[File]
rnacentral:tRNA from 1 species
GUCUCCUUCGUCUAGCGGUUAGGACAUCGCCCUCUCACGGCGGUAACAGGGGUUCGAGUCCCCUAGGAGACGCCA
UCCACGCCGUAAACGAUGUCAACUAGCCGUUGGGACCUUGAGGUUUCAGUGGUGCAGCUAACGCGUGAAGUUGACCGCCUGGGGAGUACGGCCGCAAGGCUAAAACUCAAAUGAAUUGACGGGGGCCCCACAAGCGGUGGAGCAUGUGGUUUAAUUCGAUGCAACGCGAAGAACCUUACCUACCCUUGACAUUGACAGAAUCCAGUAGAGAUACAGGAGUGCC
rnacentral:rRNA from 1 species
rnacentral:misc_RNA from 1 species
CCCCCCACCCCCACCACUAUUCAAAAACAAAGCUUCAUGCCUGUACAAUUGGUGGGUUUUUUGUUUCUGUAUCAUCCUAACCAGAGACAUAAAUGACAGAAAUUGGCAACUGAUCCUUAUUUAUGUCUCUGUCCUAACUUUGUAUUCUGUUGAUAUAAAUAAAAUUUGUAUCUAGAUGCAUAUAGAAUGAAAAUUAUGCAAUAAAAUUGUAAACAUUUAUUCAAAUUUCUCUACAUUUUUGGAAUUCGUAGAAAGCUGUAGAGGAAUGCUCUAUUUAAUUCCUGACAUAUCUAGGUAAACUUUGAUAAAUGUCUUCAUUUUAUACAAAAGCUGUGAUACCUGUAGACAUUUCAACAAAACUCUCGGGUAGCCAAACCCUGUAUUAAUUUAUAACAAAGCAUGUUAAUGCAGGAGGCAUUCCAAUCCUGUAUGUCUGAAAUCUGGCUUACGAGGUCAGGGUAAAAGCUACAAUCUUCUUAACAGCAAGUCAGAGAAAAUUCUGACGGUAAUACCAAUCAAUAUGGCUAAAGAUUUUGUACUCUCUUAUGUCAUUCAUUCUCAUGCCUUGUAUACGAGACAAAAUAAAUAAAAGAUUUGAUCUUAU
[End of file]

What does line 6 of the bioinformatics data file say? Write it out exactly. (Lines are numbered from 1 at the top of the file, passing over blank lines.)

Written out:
CCCCCCACCCCCACCACUAUUCAAAAACAAAGCUUCAUGCCUGUACAAUUGGUGGGUUUUUUGUUUCUGUAUCAUCCUAACCAGAGACAUAAAUGACAGAAAUUGGCAACUGAUCCUUAUUUAUGUCUCUGUCCUAACUUUGUAUUCUGUUGAUAUAAAUAAAAUUUGUAUCUAGAUGCAUAUAGAAUGAAAAUUAUGCAAUAAAAUUGUAAACAUUUAUUCAAAUUUCUCUACAUUUUUGGAAUUCGUAGAAAGCUGUAGAGGAAUGCUCUAUUUAAUUCCUGACAUAUCUAGGUAAACUUUGAUAAAUGUCUUCAUUUUAUACAAAAGCUGUGAUACCUGUAGACAUUUCAACAAAACUCUCGGGUAGCCAAACCCUGUAUUAAUUUAUAACAAAGCAUGUUAAUGCAGGAGGCAUUCCAAUCCUGUAUGUCUGAAAUCUGGCUUACGAGGUCAGGGUAAAAGCUACAAUCUUCUUAACAGCAAGUCAGAGAAAAUUCUGACGGUAAUACCAAUCAAUAUGGCUAAAGAUUUUGUACUCUCUUAUGUCAUUCAUUCUCAUGCCUUGUAUACGAGACAAAAUAAAUAAAAGAUUUGAUCUUAU